At a time that thousands of Ukrainians continue to protest in favor of integration with the European Union, it’s worth taking a moment to consider whether or not the EU is actually capable of delivering on the protesters’ expectations. I’ve repeatedly argued that if Ukraine’s citizens want to be in Europe then they should be in Europe and that Russia should not get a de-facto “veto” over Kiev’s decision making. But it seems to me that the rhetoric surrounding EU integration (“civilizational choice” and other such phrases) has ascended to a level that is decidedly unhelpful for rational decision making. When tens of thousands of people are willing to camp out in the freezing cold and to face police truncheons, I think it’s safe to say that they have pretty high expectations of what their preferred policies can achieve.
Don't Miss: See the first leaked Black Friday 2016 Ad
Bulgaria, widely acknowledged to be the EU’s poorest and most corrupt member, offers an instructive example of what Ukraine can realistically expect should it ever succeed in fully politically and economically integrating with Europe.* Without being too insensitive, Bulgaria is a real mess at the moment. Last winter there were violent clashes in front of parliament in which dozens were injured and in which two protesters actually set themselves on fire. The mood of popular discontent was vital in forcing out the old government, but the new one, a fragile coalition led by the socialists, beceme embroiled in a major political scandal almost immediately after it took office. Over the course of 2013 protesters continued to express outrage at perceived corruption and moral rot and seemed unsatisfied with the halting progress in meeting their demands. It’s anyone’s guess when (or if) Bulgaria’s extended state of political crisis will come to an end.
Violent xenophobia and extremism are on the rise throughout society. Extremist attacks have become a depressingly common occurrence, and are often directed against a recent influx of Syrian refugees who are resented for being drains on the public purse. While violence in such situations is never excusable, you really can’t blame Bulgarians for not being in a particularly charitable mood: according to the European Commission 85 % of all household monthly income is spent on basic necessities and 44%(!) of all Bulgarians experienced “severe material deprivation” in 2011.
Unfortunately, the economic front seems unlikely to improve any time soon: 2013 GDP growth is expected to be 0.5% (well less than half the rate of “stagnant” Russia) while 2014 and 2015 are forecast at 1.5% and 1.8% respectively. Unemployment, at 13.2% in October 2013, is not only frighteningly high but has actually been on an upward trajectory for the past few yeears (the rate was less than 10% as the financial crisis ended).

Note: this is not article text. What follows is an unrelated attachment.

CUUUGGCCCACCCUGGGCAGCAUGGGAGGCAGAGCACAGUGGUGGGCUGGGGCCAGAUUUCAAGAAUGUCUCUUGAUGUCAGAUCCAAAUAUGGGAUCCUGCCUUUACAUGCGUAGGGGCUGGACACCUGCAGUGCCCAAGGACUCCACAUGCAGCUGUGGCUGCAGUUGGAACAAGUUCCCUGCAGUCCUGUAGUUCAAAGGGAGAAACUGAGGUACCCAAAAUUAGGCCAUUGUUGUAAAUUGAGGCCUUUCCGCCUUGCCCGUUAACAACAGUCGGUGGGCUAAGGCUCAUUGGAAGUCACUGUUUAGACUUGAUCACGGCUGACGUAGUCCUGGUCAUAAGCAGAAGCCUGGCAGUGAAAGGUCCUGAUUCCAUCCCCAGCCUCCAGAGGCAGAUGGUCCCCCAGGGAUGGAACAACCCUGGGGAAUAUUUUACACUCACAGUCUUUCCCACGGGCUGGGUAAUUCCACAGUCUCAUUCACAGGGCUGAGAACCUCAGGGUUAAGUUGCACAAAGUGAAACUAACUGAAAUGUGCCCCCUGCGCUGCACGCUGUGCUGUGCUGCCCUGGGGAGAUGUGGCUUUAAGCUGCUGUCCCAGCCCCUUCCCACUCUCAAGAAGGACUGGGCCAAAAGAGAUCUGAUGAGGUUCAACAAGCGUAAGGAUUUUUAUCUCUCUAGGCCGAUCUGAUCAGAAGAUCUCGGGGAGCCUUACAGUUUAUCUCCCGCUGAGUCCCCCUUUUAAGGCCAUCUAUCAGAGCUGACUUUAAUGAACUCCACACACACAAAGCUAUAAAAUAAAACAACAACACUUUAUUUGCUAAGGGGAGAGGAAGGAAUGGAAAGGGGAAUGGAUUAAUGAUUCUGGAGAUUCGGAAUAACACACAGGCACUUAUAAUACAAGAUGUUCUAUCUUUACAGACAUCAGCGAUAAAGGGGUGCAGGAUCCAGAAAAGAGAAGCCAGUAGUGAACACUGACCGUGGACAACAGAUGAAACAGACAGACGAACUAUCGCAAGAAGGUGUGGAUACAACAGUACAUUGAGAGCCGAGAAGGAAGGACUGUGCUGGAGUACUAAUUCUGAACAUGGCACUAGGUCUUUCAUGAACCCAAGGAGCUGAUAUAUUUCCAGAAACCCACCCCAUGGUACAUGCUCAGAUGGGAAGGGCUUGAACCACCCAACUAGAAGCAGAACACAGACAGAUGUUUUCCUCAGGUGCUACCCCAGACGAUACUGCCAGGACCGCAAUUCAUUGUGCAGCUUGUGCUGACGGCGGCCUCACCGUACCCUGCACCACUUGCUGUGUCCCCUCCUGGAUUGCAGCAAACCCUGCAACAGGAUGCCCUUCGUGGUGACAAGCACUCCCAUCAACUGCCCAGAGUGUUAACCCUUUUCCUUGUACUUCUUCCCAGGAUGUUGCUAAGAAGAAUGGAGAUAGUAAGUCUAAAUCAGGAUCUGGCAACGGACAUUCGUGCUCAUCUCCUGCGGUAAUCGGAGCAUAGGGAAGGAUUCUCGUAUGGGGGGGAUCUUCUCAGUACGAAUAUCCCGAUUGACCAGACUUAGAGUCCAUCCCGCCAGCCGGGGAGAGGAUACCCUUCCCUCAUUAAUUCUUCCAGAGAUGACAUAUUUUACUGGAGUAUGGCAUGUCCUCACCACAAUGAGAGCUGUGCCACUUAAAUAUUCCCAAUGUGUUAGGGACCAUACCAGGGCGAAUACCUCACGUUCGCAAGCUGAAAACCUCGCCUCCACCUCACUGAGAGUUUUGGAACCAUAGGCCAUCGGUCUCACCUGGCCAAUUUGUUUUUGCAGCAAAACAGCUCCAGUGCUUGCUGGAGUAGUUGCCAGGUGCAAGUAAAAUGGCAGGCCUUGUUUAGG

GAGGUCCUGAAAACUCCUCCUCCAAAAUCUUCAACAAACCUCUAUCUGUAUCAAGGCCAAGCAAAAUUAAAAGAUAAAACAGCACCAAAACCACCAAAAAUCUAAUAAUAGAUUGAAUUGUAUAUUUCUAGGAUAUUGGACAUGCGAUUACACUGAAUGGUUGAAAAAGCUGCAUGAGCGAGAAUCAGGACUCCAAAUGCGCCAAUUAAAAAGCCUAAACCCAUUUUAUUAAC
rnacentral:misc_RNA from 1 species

So, in Bulgaria, you have an EU member in which poverty is extremely widespread, the labor market is in shambles, violent xenophobia is growing, and public disillusionment and disgust with the corruption of politics and public life is ever more prevalent.
It is obviously the case that Bulgaria’s integration with the EU did not cause its political, social, and economic problems. Those problems have roots in the country’s history and, in particular, the baleful influence of decades of communist dictatorship and command economics. Bulgaria could have eschewed Europe entirely, and it would still have had enormous difficulty in creating democratic and free market institutions. When asked, Bulgarians generally agree that the EU has been a positive overall influence and I see no reason to disagree with them.
But, as should be clear from recent reportage out of the country, “Europe” has done exceedingly little to bring concrete solutions to Bulgaria’s many problems. Brussels can help nudge a country in the right direction and can provide valuable technical assistance and expertise, but the real impetus for reform ultimately has to be domestic in nature. In the absence of broadly shared goals among the public and the political elite the EU simply lacks the ability to force change.
Does this mean Ukraine is inevitably fated to become a larger version of Bulgaria? No. It’s a different country with different traditions, different institutions, and different interest groups. But considering Ukraine’s stark political divisions between East and West, its history of high-level corruption, its parlous economic condition, and the lack of any real elite consensus on what the country should be and where it should be moving, it’s not particularly hard to imagine a situation in which the country moves ever-closer to the EU but its multitudinous problems endure. The fights against corruption and for accountability are important but are also really, really difficult. By necessity, these struggles must be primarily domestic and Brussels can only ever be a bit player in their resolution.
It’s important to keep Bulgaria’s experience in mind not because it proves that the EU is bad, but because it reminds us of what “Europe” is actually able to achieve in societies with deeply rooted economic and political problems. These achievements are real, but they are absolutely not the clean, tidy break with the past that many in Kiev seem to be demanding.
* In Ukraine’s case full integration is a decade away at the absolute least
Don't Miss: See the first leaked Black Friday 2016 Ad